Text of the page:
Various Artists

Scarey Business

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AllMusic Review by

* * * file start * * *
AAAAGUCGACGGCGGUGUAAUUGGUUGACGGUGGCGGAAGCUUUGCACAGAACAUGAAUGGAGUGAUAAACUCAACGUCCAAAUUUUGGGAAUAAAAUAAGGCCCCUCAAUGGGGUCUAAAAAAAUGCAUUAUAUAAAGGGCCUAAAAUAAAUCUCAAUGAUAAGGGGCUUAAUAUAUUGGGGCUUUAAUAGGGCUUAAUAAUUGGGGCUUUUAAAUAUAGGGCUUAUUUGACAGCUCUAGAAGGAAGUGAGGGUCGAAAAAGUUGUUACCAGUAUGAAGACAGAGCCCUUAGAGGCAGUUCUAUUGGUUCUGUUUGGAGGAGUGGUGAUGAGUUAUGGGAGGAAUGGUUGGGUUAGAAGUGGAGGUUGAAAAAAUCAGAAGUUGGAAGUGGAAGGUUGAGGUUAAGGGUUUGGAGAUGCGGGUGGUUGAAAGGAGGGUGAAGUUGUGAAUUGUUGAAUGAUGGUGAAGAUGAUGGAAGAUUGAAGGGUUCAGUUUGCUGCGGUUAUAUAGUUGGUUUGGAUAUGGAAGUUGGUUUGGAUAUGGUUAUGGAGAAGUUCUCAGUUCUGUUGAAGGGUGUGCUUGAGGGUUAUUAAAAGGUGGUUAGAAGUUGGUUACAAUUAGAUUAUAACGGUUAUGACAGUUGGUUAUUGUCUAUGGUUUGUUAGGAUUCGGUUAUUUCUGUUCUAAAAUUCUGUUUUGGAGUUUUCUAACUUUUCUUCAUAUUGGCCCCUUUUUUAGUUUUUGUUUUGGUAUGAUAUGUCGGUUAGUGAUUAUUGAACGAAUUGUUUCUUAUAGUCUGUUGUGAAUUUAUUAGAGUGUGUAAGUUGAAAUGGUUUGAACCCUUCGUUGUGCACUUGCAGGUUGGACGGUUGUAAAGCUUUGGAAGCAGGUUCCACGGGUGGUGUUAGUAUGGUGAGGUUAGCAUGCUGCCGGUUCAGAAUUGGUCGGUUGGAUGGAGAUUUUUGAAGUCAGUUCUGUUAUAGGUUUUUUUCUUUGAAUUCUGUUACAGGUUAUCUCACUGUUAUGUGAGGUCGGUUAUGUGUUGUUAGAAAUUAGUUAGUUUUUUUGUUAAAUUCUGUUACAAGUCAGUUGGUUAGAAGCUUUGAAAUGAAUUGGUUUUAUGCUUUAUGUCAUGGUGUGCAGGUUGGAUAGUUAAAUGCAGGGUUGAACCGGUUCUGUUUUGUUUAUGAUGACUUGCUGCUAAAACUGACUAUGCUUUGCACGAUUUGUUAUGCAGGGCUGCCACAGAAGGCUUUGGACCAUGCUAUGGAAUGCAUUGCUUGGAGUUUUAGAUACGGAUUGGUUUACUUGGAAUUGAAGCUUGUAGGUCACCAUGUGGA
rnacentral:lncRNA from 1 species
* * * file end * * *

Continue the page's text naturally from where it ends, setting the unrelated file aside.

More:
These 30 mid-'60s garage/punkers were assembled from the vaults of three Los Angeles labels: Modern, Titan, and Downey. Modern is much more known as one of the major R&B/blues labels of the 1950s; the other two labels are scarcely known at all, except to those whose job it is to catalog as much 1960s rock as possible. As it turns out, not all of the garage bands recording for these companies (or their subsidiaries) were based in Southern California, some hailing from Northern California and other states, so it's not exactly a document of a slice of a regional scene (and doesn't purport to be). It's a reasonable, and definitely not stunning, assortment of mid-'60s garage rock from labels linked by close geography. Only a couple of these groups might be known to someone whose garage collection doesn't fill up an actual garage: the Brain Train, who evolved into the psychedelic group Clear Light, and the Wilde Knights, who recorded the original version of "Just Like Me." It's those groups that provide the undisputed highlights of this CD, one being the Brain Train's ferocious folk-rock/Yardbirds hybrid "Black Roses," which Clear Light would re-record on their sole Elektra LP. The Wilde Knights' original version of "Just Like Me" is not as good as the famous cover by Paul Revere & the Raiders, but is still exciting, while their "Beaver Patrol" (anthologized on Pebbles) is one of the great non-hit 1960s garage classics, though the smoking riffs and vocal ardor are diminished by the outrageously sexist lyrics. Otherwise it's more down to the standard garage level: manic energy; derivative and basic (sometimes downright insubstantial) songs; and varying echoes of folk-rock, frat rock, British Invasion, psychedelic music, and horror movie-type novelty.

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